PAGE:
The industry body representing hospitality employers has criticised Gordon Brown’s pledge to stop non-EU chefs coming to work in the UK.
In last week’s historic TV debate, the prime minister vowed that a future Labour government would prevent workers such as chefs from non-EU countries being allowed to work here, in favour of training local people.
“We’ve got to tighten the number of skills we need in this country,” he said. “That’s why we’re moving from care assistants to chefs right through other occupations where we train up British people to do the skills.”
Bob Cotton, chief executive of the British Hospitality Association, said that Brown was “jumping the gun”, arguing that the industry still needs to bring in skilled Japanese, Thai, Indian and Indonesian chefs to meet demand.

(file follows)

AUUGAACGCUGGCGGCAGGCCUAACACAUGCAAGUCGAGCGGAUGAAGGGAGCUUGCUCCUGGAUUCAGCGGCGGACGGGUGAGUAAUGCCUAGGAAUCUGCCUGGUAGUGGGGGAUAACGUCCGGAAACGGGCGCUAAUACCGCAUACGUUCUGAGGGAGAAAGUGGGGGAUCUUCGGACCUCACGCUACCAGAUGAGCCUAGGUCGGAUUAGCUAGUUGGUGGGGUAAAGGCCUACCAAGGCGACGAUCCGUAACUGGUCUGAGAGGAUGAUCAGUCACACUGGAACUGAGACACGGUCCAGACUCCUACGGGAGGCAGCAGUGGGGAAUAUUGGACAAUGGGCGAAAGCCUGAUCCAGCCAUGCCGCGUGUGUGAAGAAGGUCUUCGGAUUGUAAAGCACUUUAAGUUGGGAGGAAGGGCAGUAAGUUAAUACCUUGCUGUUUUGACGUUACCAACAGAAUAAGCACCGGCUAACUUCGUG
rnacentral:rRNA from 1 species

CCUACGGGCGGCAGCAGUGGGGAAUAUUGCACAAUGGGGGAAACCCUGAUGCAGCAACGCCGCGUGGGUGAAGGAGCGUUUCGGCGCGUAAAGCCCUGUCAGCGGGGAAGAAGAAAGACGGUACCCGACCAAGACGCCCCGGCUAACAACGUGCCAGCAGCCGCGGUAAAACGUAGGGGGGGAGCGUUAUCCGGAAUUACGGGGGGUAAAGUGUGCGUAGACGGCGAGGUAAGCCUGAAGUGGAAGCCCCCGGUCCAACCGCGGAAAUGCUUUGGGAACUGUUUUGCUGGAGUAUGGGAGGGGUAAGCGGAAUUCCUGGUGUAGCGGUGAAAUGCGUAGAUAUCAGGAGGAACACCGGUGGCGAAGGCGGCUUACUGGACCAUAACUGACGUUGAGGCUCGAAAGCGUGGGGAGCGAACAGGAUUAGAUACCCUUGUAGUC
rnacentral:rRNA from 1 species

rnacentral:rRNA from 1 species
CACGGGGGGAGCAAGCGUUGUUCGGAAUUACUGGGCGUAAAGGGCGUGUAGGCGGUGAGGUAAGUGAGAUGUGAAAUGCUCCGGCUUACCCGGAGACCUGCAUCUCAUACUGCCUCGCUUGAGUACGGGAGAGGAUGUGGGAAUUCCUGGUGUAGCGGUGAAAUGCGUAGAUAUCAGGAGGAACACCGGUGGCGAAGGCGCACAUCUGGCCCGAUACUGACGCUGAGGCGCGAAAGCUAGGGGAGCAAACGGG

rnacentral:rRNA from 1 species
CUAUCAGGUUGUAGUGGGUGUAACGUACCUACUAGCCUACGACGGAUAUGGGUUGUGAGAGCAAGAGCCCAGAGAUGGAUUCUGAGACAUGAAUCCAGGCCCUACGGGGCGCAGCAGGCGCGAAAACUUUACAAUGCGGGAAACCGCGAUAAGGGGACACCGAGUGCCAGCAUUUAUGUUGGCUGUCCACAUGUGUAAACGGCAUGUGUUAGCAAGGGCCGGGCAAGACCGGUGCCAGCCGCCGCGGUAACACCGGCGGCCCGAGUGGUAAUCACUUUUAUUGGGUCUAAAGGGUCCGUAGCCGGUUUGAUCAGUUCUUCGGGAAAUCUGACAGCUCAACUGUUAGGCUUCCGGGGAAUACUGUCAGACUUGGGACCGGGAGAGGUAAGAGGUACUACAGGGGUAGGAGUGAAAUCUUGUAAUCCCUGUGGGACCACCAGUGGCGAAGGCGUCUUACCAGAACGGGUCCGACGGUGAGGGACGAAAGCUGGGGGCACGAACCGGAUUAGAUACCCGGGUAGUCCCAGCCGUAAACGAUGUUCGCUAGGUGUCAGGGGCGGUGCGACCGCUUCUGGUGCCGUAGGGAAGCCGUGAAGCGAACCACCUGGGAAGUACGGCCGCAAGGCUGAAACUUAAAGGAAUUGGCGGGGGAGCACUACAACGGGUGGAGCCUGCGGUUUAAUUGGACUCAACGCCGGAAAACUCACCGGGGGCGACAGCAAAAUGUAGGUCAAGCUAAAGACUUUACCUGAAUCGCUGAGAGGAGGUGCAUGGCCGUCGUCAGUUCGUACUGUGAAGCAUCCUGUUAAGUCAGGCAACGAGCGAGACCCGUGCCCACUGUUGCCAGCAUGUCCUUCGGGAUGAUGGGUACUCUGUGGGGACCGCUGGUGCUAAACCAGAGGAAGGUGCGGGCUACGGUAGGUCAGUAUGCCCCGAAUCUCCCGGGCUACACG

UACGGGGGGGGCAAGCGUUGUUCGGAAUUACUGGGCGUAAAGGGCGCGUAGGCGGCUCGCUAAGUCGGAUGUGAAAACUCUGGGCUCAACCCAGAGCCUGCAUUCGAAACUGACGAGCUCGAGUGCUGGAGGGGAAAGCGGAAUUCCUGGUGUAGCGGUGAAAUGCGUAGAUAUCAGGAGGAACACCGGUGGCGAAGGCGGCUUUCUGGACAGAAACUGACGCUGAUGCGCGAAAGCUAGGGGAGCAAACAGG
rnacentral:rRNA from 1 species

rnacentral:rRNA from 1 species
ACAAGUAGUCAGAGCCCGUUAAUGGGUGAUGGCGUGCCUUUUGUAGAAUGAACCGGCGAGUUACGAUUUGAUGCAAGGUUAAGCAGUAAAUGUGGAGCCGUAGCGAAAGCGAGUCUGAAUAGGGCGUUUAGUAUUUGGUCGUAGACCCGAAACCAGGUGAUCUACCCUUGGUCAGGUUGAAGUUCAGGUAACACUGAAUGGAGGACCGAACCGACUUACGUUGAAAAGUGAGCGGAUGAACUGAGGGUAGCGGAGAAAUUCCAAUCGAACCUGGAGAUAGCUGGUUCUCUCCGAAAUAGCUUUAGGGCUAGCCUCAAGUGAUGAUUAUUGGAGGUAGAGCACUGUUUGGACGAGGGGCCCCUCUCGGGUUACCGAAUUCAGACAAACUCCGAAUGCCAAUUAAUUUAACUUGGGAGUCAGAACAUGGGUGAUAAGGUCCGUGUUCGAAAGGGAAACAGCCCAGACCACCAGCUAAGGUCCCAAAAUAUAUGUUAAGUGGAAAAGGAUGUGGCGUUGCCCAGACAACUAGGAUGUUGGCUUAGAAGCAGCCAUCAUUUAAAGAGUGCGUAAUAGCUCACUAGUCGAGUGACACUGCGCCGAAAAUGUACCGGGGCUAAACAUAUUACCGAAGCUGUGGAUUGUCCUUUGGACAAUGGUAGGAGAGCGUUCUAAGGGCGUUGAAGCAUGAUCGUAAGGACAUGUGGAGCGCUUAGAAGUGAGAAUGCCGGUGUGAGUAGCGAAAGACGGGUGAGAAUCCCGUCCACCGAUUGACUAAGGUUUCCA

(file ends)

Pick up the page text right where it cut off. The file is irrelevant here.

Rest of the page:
“British colleges may be able to train chefs specialising in Asian cookery up to a certain level, but there will still be a need to bring in executive chefs,” he told Personnel Today’s sister title Caterer and Hotelkeeper.
At present, chefs and care assistants are on the Tier 2 shortage occupation list, but Brown has signalled Labour’s intention to remove them by 2012.
The decision to remove groups from the shortage list ultimately lies with the Migration Advisory Committee (MAC), which will publish its next report this autumn. MAC has previously stated it is “minded to remove chefs” from the list unless there is evidence the issue is being addressed.